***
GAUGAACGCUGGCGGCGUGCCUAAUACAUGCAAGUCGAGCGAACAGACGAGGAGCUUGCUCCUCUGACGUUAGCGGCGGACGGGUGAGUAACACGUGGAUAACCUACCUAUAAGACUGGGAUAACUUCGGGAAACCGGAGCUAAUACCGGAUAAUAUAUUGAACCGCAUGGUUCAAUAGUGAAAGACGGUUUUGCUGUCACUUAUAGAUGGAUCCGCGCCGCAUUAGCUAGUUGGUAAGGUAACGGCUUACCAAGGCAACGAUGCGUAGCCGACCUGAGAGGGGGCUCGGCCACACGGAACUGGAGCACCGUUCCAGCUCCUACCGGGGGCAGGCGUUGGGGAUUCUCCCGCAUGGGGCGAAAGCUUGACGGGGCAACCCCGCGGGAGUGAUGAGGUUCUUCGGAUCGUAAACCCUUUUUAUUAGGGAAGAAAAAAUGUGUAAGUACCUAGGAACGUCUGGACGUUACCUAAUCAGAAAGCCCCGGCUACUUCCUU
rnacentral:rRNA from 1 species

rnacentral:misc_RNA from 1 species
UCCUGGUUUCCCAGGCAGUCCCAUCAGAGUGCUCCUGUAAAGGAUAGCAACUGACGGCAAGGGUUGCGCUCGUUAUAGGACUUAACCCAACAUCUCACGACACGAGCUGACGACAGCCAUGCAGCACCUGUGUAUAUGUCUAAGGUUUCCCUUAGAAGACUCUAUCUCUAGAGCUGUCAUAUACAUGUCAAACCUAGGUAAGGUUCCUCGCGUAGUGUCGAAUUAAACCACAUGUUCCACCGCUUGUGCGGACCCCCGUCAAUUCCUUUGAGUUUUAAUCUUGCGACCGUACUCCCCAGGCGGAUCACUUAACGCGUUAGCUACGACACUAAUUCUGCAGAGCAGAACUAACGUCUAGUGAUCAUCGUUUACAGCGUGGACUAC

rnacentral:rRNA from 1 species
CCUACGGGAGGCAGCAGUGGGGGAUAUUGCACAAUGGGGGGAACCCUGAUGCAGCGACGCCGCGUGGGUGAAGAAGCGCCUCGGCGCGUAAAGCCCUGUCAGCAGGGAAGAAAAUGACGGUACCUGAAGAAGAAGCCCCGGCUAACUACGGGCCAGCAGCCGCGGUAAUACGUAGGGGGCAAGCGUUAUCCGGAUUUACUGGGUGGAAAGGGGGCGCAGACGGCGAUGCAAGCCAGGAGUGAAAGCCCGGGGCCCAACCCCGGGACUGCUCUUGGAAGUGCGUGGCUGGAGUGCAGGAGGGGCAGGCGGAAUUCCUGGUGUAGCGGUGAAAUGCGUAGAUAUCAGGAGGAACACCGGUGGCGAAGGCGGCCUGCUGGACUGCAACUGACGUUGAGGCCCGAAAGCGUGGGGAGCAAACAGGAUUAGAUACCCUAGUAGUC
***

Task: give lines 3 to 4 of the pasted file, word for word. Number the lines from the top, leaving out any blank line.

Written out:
rnacentral:misc_RNA from 1 species
UCCUGGUUUCCCAGGCAGUCCCAUCAGAGUGCUCCUGUAAAGGAUAGCAACUGACGGCAAGGGUUGCGCUCGUUAUAGGACUUAACCCAACAUCUCACGACACGAGCUGACGACAGCCAUGCAGCACCUGUGUAUAUGUCUAAGGUUUCCCUUAGAAGACUCUAUCUCUAGAGCUGUCAUAUACAUGUCAAACCUAGGUAAGGUUCCUCGCGUAGUGUCGAAUUAAACCACAUGUUCCACCGCUUGUGCGGACCCCCGUCAAUUCCUUUGAGUUUUAAUCUUGCGACCGUACUCCCCAGGCGGAUCACUUAACGCGUUAGCUACGACACUAAUUCUGCAGAGCAGAACUAACGUCUAGUGAUCAUCGUUUACAGCGUGGACUAC